I watched one of the most popular documentaries on Netflix right now, Seaspiracy, and what I saw made me never want to eat fish again. At least for a few days. It’s no secret that the purpose of Seaspiracy is to shock viewers into reducing their seafood consumption. The same film crew is behind Cowspiracy, a movie about the devastating environmental and ethical impact of industrial meat production. Even if you’ve never watched either of those films, you know that they are meant to make you feel bad about eating meat. But you should also know that there has been a massive backlash against the movie Seaspiracy from foodies, conservationists, and marine biologists alike. Why? Because the movie oversimplifies the complexity of fisheries management and even takes a racist and privileged stance to sustainable solutions by advocating for veganism.
In this post, I’m not going to write a movie review. Instead, I will illuminate the complexity of the seafood industry, including sustainable solutions. The three most significant problems in the seafood industry today are 1) IUU fishing (illegal, unregulated, and unreported), 2) human and labor rights abuses on board fishing vessels, and 3) the devastating externalities of industrial aquaculture.
Many ocean ecosystems today are near collapse from decades of rampant overfishing. According to the FAO, 94% of wild-caught fish stocks are either maximally sustainably fished or depleted. However, since wild fish are notoriously difficult to count and some regions of the world don’t even record their catches, there is no reliable data on over 60% of fish stocks. The worst blind spot is the 20-25% of fish that come from IUU fishing. These are fisheries that harvest fish with complete disregard for the health of fish stocks, using fishing methods that harm countless other species and destroy ocean habitats, and sometimes are associated with organized crime.
What happens at sea stays at sea, and the immense challenge of effective ocean monitoring creates a system in which people and fish are exploited. Fishing vessels in the high seas are documented sites of modern-day slavery, and horrendous human rights abuses, including the murder of fisheries observers tasked with monitoring and regulating the industry. The causal chain that has led to this is the increasing global demand for fish, the growth of industrial fishing fleets, the overexploitation of fish stocks, and the declining catch that drives fisheries to reduce costs and evade regulations.
The overfishing and human rights abuses entrenched in some fisheries around the world may lead you to ask, “is farmed fish any better?” Unfortunately, not yet. I was surprised to learn that of all the seafood consumed today, roughly 50% is wild-caught, and 50% is farmed. This massive growth of farmed fish has come at a cost. Aquaculture practices, both open water systems (using cages) and inland pond systems, are notorious polluters. Fish farm waste (fecal matter and unused fish food) leads to toxic algae blooms and dead zones in marine ecosystems. The high concentration of fish in these systems leads to disease outbreaks and fish welfare concerns. Even the most sustainable, closed-containment aquaculture farms still admit that fish feed is their biggest challenge. Counterintuitively, aquaculture eats up a considerable amount of land from crops like soybeans used for fish feed. Aquaculture also eats up wild fish. Currently, 14% of global wild-caught fish is used to produce fish feed.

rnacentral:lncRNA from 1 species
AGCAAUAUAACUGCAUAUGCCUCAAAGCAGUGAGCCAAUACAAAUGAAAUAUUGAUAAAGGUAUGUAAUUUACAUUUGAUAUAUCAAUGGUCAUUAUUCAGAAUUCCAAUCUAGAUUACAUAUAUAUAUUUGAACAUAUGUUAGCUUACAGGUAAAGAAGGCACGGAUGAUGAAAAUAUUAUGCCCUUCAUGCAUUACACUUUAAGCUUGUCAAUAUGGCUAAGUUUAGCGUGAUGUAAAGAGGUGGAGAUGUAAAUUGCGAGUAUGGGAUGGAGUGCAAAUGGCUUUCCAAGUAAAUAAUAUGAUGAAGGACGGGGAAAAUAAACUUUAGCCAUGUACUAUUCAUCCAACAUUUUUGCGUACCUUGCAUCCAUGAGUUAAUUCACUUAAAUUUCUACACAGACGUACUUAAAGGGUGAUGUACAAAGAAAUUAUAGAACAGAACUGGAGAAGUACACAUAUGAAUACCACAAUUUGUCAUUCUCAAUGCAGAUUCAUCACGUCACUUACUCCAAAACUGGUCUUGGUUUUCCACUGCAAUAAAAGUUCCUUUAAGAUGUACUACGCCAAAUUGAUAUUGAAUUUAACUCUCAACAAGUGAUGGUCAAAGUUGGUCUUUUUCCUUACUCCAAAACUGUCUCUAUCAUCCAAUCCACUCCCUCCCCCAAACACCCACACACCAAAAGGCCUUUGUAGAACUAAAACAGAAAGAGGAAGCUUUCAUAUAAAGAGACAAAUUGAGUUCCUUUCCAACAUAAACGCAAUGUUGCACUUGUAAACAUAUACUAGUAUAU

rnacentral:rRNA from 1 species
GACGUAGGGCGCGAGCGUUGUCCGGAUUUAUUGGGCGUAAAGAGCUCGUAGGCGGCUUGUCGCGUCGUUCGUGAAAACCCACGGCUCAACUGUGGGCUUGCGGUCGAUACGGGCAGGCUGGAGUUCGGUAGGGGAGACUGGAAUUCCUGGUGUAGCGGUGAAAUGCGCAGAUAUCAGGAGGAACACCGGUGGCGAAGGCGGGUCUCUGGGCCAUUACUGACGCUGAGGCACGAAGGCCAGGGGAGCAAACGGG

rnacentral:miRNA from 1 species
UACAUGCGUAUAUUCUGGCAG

Movies like Seaspiracy stop there and lead viewers to believe that’s the whole story. Fish stocks are depleted, fisheries are abusive employers, and fish farms are no better. But to end the story there is irresponsibly deceptive. Sustainable fisheries management is complex but not impossible, and overexploitation is not inevitable. As the political economist and Nobel Laureate Elinor Ostrom once said, “we are neither trapped in inexorable tragedies nor free of moral responsibility.” There is no single solution for the sustainable management of common-pool resources. Instead, Ostrom encouraged us “to get to the point that we can understand complexity, and harness it, and not reject it.”
Fortunately, there are numerous examples of sustainably managed fisheries and fish species whose stocks have been protected or recovered following years of careful management. Participatory, inclusive, co-managed fisheries can lead to resilient coastal communities that provide sustainable livelihoods and food security in the face of environmental and socio-economic challenges. Furthermore, some types of ocean farming are even restorative, especially those that are multitrophic, meaning they strategically farm multiple different kinds of species. For example, mollusks, like oysters, can clean water when placed downstream from agricultural runoff or fish farms. Seaweed and kelp farms create habitats, increase biodiversity, and protect coasts from storm surges. Plus, these saltwater plants can sequester up to twenty times more carbon than forests!